King Charles’ new busy role could make ‘sausage fingers’ get even bigger

King Charles’ famously-fat fingers could be about to become even thicker since taking up the British Royal Family's top job.

In September, the Daily Star spoke to a health expert to discuss the King’s girthy digits, with a number of different possible causes given by Dr Gareth Nye.

He explained that while “loads of conditions” could be the cause, some of the more likely culprits were oedema (fluid retention) or arthritis.

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But, with the heightened responsibilities of being king rather than a prince, it is possible that a busier travel schedule could make them even puffier.

He is likely to spend more time travelling the Commonwealth, according toHello!which could further the impact on his fingers because digits are known to swell when people sit still for a long period of time because blood begins to pool.

Hotter climates, as are found in many of Commonwealth countries, can also make peoples’ fingers and toes swell.

Charles even dubbed his digits sausage fingers shortly after stepping off a plane in Australia in 2012.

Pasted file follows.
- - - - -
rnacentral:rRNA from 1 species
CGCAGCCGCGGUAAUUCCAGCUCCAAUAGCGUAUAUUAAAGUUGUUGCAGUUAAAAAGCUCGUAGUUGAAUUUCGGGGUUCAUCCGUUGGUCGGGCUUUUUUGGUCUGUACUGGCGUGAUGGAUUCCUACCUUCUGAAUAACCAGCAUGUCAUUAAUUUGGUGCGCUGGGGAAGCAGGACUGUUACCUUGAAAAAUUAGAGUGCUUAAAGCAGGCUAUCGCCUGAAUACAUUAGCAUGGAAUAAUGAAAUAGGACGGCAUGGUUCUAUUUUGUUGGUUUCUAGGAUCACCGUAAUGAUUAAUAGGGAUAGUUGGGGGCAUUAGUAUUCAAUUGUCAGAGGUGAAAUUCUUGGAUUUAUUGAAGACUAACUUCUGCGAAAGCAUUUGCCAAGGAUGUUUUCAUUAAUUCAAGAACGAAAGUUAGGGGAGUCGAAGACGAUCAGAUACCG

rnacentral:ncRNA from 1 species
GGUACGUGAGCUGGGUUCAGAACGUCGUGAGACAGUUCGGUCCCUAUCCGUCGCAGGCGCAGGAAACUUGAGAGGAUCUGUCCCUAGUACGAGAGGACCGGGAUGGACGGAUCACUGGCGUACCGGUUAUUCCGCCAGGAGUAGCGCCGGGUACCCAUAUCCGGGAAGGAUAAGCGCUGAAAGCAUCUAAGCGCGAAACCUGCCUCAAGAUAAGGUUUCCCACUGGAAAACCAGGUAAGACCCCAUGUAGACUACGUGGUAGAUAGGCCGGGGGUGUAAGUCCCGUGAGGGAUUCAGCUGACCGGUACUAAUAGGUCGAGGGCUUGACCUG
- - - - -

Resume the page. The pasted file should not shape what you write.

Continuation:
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Discussing the underlying conditions that could be causing the thickness, Dr Nye exclusively told the Daily Star: "Oedema is a condition where the body starts to retain fluids in the limbs, normally the legs and ankles but also in the fingers which causes them to swell.

"Oedema is a common condition and mostly affects people over the age of 65 as the ability for fluid control is restricted.

"To see if this is the cause, pressing the swollen area for about 15 seconds would cause a depression in the area."

Discussing the possibility of arthritis, he said: "Arthritis – another common condition in the over 60s. It often affects three main areas in the hand – the thumb joint or either joint in the fingers.

"Fingers usually become stiff, painful and swollen and although medication can help with the pain, the swelling can remain.

"Uncommon causes may include high salt diet leading to fluid retention, certain medications can rarely lead to swelling as a side effect such as with blood pressure medications or steroid medications."

Flying with Rheumatoid Arthritis can be particularly uncomfortable because the extended periods of sitting still can cause joints to stiffen,Healthlinereports – as can stress and a lack of sleep.

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